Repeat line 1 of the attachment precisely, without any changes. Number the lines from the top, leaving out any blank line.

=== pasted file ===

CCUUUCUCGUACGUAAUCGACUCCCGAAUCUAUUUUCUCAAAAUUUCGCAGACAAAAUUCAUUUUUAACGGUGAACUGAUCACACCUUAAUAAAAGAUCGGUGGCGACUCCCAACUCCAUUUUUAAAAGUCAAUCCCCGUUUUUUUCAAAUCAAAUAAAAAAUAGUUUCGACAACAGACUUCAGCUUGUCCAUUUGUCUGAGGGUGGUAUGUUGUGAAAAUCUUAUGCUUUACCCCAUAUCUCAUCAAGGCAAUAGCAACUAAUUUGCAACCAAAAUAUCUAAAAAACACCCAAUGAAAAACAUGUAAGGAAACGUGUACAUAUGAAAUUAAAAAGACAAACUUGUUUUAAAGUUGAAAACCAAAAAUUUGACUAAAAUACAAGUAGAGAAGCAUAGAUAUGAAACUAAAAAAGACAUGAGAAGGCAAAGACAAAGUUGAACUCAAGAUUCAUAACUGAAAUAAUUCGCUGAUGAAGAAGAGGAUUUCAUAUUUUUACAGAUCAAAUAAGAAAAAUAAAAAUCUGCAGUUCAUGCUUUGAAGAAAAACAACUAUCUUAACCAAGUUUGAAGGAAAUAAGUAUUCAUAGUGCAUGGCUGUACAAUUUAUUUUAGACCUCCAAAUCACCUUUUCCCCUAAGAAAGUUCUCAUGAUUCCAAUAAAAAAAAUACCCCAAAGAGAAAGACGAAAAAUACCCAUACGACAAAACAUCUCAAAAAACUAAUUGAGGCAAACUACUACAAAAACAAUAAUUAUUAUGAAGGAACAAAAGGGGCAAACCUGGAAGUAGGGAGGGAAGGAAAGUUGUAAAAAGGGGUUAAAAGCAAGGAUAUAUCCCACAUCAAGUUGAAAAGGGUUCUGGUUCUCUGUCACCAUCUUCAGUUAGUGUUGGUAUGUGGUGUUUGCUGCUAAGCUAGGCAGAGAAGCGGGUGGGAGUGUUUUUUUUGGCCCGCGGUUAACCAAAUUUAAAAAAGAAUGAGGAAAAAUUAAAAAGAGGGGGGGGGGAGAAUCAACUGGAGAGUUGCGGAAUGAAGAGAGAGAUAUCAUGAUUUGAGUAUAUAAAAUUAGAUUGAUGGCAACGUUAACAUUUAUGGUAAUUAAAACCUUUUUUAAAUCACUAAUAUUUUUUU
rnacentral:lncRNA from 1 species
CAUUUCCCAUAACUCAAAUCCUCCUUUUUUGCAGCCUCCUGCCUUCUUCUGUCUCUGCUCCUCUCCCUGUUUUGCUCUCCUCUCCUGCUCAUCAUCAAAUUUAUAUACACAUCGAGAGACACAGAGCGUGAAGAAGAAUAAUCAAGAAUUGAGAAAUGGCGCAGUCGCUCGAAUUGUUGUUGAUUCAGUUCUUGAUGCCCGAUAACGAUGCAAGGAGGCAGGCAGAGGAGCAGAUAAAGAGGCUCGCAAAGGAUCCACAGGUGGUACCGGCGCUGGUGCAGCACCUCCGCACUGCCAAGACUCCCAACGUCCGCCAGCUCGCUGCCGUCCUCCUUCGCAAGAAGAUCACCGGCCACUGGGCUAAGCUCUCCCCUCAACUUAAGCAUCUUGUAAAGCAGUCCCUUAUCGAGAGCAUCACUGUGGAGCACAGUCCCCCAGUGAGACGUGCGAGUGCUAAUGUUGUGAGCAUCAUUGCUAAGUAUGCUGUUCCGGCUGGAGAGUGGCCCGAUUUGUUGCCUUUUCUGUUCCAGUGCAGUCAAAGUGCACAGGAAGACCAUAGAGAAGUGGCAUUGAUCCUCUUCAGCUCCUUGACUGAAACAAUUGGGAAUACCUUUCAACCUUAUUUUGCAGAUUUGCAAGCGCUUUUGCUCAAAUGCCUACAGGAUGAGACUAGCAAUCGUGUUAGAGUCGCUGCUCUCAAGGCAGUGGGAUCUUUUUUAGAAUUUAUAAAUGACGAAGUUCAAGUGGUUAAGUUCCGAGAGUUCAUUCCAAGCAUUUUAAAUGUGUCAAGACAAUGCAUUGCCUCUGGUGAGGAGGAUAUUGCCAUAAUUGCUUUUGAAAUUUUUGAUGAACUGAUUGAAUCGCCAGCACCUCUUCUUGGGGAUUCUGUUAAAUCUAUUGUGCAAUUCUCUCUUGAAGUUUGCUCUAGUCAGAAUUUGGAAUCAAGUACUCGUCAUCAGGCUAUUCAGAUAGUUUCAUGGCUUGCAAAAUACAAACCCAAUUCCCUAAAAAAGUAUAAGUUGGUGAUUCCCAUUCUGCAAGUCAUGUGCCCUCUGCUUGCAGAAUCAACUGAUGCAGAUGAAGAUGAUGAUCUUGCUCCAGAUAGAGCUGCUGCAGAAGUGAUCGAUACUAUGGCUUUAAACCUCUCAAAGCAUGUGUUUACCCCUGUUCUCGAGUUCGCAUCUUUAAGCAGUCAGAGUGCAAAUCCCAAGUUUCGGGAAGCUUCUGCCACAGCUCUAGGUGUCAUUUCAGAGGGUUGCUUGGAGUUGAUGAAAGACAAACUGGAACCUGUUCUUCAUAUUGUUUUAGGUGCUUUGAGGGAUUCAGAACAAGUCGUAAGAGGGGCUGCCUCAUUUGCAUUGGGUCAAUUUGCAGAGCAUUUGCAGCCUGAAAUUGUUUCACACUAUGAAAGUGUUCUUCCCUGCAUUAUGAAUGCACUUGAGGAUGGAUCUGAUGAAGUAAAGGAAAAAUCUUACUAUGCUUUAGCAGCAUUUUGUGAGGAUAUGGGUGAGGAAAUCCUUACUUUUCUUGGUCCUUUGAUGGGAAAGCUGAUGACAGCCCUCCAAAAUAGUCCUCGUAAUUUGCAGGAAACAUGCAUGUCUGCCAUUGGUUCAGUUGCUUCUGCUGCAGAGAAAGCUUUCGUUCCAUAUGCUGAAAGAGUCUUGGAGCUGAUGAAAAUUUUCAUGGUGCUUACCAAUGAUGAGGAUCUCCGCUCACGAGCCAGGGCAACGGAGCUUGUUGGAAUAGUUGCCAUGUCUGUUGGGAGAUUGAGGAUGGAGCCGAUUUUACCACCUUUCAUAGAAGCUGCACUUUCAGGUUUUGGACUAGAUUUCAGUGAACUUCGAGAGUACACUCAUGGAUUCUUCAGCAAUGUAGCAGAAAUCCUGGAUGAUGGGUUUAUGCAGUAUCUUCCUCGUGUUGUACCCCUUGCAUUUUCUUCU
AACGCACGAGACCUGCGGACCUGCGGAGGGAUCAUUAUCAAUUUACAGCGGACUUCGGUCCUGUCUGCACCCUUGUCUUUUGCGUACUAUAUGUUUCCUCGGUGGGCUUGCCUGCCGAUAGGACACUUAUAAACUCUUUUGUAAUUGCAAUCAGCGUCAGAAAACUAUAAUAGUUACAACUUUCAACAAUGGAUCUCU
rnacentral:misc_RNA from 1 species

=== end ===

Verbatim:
CCUUUCUCGUACGUAAUCGACUCCCGAAUCUAUUUUCUCAAAAUUUCGCAGACAAAAUUCAUUUUUAACGGUGAACUGAUCACACCUUAAUAAAAGAUCGGUGGCGACUCCCAACUCCAUUUUUAAAAGUCAAUCCCCGUUUUUUUCAAAUCAAAUAAAAAAUAGUUUCGACAACAGACUUCAGCUUGUCCAUUUGUCUGAGGGUGGUAUGUUGUGAAAAUCUUAUGCUUUACCCCAUAUCUCAUCAAGGCAAUAGCAACUAAUUUGCAACCAAAAUAUCUAAAAAACACCCAAUGAAAAACAUGUAAGGAAACGUGUACAUAUGAAAUUAAAAAGACAAACUUGUUUUAAAGUUGAAAACCAAAAAUUUGACUAAAAUACAAGUAGAGAAGCAUAGAUAUGAAACUAAAAAAGACAUGAGAAGGCAAAGACAAAGUUGAACUCAAGAUUCAUAACUGAAAUAAUUCGCUGAUGAAGAAGAGGAUUUCAUAUUUUUACAGAUCAAAUAAGAAAAAUAAAAAUCUGCAGUUCAUGCUUUGAAGAAAAACAACUAUCUUAACCAAGUUUGAAGGAAAUAAGUAUUCAUAGUGCAUGGCUGUACAAUUUAUUUUAGACCUCCAAAUCACCUUUUCCCCUAAGAAAGUUCUCAUGAUUCCAAUAAAAAAAAUACCCCAAAGAGAAAGACGAAAAAUACCCAUACGACAAAACAUCUCAAAAAACUAAUUGAGGCAAACUACUACAAAAACAAUAAUUAUUAUGAAGGAACAAAAGGGGCAAACCUGGAAGUAGGGAGGGAAGGAAAGUUGUAAAAAGGGGUUAAAAGCAAGGAUAUAUCCCACAUCAAGUUGAAAAGGGUUCUGGUUCUCUGUCACCAUCUUCAGUUAGUGUUGGUAUGUGGUGUUUGCUGCUAAGCUAGGCAGAGAAGCGGGUGGGAGUGUUUUUUUUGGCCCGCGGUUAACCAAAUUUAAAAAAGAAUGAGGAAAAAUUAAAAAGAGGGGGGGGGGAGAAUCAACUGGAGAGUUGCGGAAUGAAGAGAGAGAUAUCAUGAUUUGAGUAUAUAAAAUUAGAUUGAUGGCAACGUUAACAUUUAUGGUAAUUAAAACCUUUUUUAAAUCACUAAUAUUUUUUU